Most of us have moved at some point in our lifetime. Even when a move is planned, it is a stressful experience for everyone in the family. Imagine the disruptions to work, school, and everyday life due to one or more forced moves in a year. Neighborhoods with a lot of resident turnover suffer other challenges such as lack of access to good employment and working conditions. They also experience more violence, chronic health issues, and social isolation, and, unfortunately, less civic engagement.
Housing instability harms people’s ability to succeed. This is why your gift truly matters. You are helping to provide stable housing for some of most vulnerable members of our community.
As a Revere resident, TND is my local community-development organization, and I’m glad to know you are part of our organization as well. This year, as TND celebrates its 40th Anniversary, it has become even more apparent that we need to “Raise the Roof.”
The need for homes that people can afford is so great that this year we received over 3,500 applications for 34 apartments at TND’s newest property, Acadia.
TND offers a unique giving opportunity. Using Community Investment Tax Credits (CITCs), donations of $1,000 or more made to The Neighborhood Developers earn half of your donation back as either a state tax credit or a check. Federal deductions also apply making the value of your donation go even further. For CITC information or to donate, please click the button below.
Ensure that more of us have access to a stable home and a great neighborhood by making a donation to The Neighborhood Developers today. We are grateful for your support!
if a community is a house
By Angelica Maria Aguilera
Poem commissioned for TND's 40th birthday
if a community is a house
i imagine the bricks as all its people,
each shaped uniquely and wedged in differently,
mundane as the sky but it falls and we are all screwed.
a house of course is greased with grit,
a thousand bricks holding it up day in and out without
asking for rest
ode to the organizers, the bodega owners, the families and the
ode to the mailmen, the kindergarten teachers with patience flexible as a gymnastic star, the neighbors that make themselves our mothers when our mothers are off making a life for us,
ode to the streetlights that guide us back to our bedrooms and into the loudest dreams
ode to the cement sidewalks that serve as classrooms for character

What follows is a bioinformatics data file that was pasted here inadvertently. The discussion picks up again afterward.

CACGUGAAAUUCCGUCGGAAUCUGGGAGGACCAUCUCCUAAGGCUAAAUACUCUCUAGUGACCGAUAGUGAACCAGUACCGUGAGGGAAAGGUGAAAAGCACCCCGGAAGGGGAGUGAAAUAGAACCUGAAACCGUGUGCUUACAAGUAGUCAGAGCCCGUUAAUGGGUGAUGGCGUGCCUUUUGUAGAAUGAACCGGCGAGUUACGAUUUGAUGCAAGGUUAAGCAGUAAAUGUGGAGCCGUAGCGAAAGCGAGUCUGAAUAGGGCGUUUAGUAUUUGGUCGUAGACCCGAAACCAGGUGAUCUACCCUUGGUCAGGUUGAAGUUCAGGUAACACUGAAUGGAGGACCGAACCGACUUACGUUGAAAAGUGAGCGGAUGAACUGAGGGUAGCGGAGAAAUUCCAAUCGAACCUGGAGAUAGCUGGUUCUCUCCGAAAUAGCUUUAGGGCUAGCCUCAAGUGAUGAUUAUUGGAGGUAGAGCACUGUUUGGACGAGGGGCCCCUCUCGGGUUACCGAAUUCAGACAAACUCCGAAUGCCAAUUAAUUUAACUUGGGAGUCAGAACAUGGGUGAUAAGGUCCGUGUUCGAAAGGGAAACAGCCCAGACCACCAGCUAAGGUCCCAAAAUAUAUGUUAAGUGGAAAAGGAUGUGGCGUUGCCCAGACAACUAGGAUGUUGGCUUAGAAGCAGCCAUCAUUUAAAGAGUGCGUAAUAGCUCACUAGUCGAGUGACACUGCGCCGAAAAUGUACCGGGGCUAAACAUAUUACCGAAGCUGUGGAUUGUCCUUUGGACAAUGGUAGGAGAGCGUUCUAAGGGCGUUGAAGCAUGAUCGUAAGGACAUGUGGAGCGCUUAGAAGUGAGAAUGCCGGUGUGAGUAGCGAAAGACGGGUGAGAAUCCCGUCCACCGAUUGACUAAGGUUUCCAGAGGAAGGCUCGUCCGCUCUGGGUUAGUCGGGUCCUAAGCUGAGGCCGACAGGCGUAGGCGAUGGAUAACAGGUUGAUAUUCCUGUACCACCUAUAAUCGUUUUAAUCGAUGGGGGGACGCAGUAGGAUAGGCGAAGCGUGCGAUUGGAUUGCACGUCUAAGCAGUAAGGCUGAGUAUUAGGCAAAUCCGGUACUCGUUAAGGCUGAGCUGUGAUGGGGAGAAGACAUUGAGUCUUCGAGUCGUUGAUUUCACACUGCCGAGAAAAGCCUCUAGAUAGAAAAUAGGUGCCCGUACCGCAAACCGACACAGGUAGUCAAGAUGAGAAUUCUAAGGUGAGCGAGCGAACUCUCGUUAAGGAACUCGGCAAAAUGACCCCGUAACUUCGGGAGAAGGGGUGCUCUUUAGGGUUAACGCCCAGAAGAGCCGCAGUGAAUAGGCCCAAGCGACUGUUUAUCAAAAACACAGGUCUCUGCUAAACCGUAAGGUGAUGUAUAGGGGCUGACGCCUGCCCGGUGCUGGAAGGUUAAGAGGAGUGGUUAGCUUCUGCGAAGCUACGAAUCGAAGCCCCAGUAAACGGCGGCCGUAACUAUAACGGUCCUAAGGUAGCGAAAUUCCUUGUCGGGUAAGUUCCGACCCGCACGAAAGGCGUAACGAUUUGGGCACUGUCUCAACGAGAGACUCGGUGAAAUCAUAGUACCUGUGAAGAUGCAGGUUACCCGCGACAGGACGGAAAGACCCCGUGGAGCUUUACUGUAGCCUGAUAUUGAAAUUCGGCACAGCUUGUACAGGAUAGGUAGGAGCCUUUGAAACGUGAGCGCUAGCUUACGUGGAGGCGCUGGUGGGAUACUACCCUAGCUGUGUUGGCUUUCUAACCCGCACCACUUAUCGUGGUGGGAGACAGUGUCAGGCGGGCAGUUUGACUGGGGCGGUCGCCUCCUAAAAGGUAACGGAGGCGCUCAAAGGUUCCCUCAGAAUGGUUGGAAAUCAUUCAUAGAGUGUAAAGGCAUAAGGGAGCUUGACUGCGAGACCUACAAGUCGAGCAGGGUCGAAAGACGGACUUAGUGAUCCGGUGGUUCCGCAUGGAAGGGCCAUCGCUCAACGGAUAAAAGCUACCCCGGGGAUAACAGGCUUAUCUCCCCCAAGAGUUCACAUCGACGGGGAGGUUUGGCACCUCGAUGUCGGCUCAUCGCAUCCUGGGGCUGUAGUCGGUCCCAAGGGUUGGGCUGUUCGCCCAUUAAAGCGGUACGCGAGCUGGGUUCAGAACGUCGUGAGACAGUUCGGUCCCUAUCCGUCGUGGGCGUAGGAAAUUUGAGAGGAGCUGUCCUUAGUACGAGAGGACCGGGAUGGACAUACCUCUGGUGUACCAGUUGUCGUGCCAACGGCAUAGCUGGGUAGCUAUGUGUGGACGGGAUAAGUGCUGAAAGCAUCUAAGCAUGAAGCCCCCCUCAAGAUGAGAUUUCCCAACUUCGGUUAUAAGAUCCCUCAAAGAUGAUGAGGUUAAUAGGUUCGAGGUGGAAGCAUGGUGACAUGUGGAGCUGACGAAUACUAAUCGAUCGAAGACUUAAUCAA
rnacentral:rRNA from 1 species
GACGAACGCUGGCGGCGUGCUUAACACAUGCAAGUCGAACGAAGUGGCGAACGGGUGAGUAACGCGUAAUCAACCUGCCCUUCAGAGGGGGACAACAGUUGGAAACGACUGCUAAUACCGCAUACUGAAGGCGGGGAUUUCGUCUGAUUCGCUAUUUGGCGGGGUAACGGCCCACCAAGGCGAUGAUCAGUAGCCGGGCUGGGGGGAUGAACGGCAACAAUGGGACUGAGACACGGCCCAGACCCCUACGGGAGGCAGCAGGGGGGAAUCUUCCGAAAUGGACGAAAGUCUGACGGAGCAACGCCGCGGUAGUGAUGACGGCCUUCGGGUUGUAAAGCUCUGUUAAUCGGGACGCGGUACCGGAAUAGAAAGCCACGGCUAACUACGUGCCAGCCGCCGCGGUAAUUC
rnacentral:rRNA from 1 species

to the friends that teach us where we can call home
to the spaces that raise us, give us space to leave, and arms to come back to
if a community is a house
that means it is always under construction
the upkeep is infinite, and tireless
the crooked oil painting waits for hands to guide it
the leaking faucet is no competition to the plumber’s loyal wrench
a hideous wallpaper is nothing to a mother’s ruthless eye for discount decor
and manipulation of coupons
home is picky about its use in context
it knows itself to be more verb than noun
it is the tending not the structure that most correctly captures it
it is the pieces of yourself you nail into the walls, the fragments of
heart molded into the tiles, the continuous work that constitutes the word
that creates the sweet sweet sweetness of
On this Giving Tuesday, say yes to
home, community, and opportunity!
We are looking for an enthusiastic storytelling intern to join our communications department. As a storyteller you’ll advance the mission by capturing the stories and strong photos of the people we serve—bringing the impact of our work into focus.
Job Functions and Responsibilities
Going out into the field and interviewing stakeholders
Documenting events and programs
Distributing content on several channels
Identifying best-of photos from events and interviews
Filming Events (If interest and ability)
Students applying for this internship should have an interest in capturing stories. You’ll need strong written and verbal communication skills. This internship is for students seeking school credit. School-credit requirements vary from school to school.
We are looking to fill multiple intern positions and will fill the positions on a rolling basis. The ideal candidate can commit to a minimum of 10 hours a week. The schedule is flexible, and will be determined based on your availability and program need.
FOR MORE INFORMATION, PLEASE CONTACT
Trey Greer, Communications Manager
New York Times: A Map of Every Building In America
Most of the time, The New York Times asks you to read something. Today we are inviting you, simply, to look. On this page you will find maps showing almost every building in the United States.
Flowing Data: All the building footprints in the United States
What's really the most dangerous American city? The way crimes are currently counted can easily confuse and mislead.
One morning last year, Michele Carter woke up to find an eviction notice slipped under her apartment door.
Boston Globe: Can Boston's developers merge art and equity?
Not every city can have a single charismatic visionary like Gates driving creative reuse of urban spaces.
Enterprise: Opportunity360 at One Year – And Beyond
We hope you’ve enjoyed celebrating the one-year anniversary of Opportunity360 with us. Over the past year it’s been exciting to watch this unique and powerful resource be used…
Meeting of The Minds: How Homeownership Builds Individual and Community Wealth
Ever since, and long before, the housing market crashed in 2008, with its devastation of homes, neighborhoods and lives, pundits and policy makers have debated the wisdom of advocating for homeownership – particularly in minority communities.
Fast Company: Being born in the wrong ZIP code can shorten your life
“State and local governments could play a role in increasing life expectancies,” writes Professor Jessica Young.
Strong Towns: Opportunity Zones, But for Whom?
If you’re plugged into the urbanist blogosphere, you’ve probably heard something about the new federal Opportunity Zones by now.